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Cultured Pearls: Alabama's Role in Production

Our last post concerned pearls: those found in restaurant oysters, natural and cultured.  Here's an interesting side note:  Our area of the world has been instrumental in the cultured pearl industry!

In the late 1800's, Kokichi Mikimoto of Japan discovered that when spherical beads created from the shells of freshwater mussels were placed into marine pearl oysters, they served as exceptional nuclei as the oyster surrounded the beads with secretions from the nacre (this is what gives pearls their opalescent sheen).

Beginning in the mid-1950's, mussel shells from both the Tennessee River and the Mississippi River were shipped to Asia.  There, freshwater mussel shells were then sliced, cubed, rounded and implanted in oysters which lay their own nacre over the bead.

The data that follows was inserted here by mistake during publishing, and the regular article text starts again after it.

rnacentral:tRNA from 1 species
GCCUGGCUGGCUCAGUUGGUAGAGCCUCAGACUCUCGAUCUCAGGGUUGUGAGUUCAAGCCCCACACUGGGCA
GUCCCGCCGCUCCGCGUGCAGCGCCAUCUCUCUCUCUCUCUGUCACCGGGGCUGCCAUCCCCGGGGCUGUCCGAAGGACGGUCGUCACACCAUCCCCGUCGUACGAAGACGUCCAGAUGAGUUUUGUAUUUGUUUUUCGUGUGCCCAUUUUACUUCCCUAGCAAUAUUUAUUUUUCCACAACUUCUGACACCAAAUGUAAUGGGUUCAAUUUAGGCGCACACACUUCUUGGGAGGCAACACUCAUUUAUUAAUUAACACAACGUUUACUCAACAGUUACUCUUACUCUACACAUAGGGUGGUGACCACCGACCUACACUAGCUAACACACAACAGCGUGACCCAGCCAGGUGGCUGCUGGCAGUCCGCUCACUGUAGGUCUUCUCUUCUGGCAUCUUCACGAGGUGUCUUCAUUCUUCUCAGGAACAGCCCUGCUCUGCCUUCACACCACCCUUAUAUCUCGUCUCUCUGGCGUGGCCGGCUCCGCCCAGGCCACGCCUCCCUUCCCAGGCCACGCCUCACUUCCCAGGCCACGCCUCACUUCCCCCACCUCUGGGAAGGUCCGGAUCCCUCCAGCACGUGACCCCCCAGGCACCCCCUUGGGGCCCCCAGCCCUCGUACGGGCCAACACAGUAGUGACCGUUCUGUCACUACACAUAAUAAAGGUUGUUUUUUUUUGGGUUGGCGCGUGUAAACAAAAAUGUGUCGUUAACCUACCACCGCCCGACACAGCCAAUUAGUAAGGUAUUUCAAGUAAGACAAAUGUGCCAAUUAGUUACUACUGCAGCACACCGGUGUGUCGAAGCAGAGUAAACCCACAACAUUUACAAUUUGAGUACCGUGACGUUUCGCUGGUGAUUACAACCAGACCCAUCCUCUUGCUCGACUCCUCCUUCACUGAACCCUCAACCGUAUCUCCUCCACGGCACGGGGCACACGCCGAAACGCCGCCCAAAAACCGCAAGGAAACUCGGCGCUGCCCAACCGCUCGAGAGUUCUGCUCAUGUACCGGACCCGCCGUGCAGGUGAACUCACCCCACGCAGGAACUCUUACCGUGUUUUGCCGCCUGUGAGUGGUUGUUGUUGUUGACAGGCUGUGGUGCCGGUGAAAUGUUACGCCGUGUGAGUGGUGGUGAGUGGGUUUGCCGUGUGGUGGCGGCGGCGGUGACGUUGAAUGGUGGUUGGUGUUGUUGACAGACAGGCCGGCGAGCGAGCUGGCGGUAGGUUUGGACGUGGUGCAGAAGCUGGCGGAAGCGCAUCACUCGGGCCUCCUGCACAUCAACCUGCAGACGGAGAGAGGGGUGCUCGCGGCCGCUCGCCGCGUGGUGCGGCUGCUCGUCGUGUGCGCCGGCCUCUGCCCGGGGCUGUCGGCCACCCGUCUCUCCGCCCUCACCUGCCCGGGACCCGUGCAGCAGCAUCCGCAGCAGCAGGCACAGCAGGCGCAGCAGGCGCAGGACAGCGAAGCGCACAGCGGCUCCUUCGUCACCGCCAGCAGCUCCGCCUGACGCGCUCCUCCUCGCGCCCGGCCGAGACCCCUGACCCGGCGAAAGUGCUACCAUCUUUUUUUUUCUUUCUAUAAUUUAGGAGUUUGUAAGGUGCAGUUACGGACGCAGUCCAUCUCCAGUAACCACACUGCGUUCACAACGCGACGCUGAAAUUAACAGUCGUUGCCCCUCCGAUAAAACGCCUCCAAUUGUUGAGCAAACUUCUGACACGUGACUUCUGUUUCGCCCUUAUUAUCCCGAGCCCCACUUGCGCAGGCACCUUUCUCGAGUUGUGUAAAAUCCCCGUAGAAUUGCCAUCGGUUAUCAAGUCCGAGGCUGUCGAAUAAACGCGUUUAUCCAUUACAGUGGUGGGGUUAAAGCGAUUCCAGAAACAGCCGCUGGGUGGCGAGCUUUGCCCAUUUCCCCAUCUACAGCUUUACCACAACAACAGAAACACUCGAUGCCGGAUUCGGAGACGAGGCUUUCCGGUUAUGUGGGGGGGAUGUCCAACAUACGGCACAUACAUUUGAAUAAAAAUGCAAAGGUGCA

Muscle Shoals, Alabama was the perfect place for freshwater mussel.  The 53-mile stretch of the Tennessee River from west Decatur to below Seven-Mile Island in Florence once had the greatest diversity of freshwater mussel species of any place on Earth.  Mussel shells from the Mississippi River were also found to be excellent seed material for the growing cultured pearl industry.  As is the case with human organ transplants, pearl oysters can potentially reject an inserted nucleus.  The shells from the Tennessee and Mississippi Rivers proved to be the least likely to be rejected.

The period of the 1960s-1980s was the peak time for shell harvesting.  Mussel diving was a booming business around Muscle Shoals even in the 1990s when a 5-gallon bucket of shells from washboard or ebony shell mussels could earn a diver more than $300.  Today, plastic beads have replaced mussel shell pellets as the core of many cultured pearls so the demand has decreased.

The next time you wear your pearls think about it.  The nucleus that began the process of forming each pearl may have come from very close to home!

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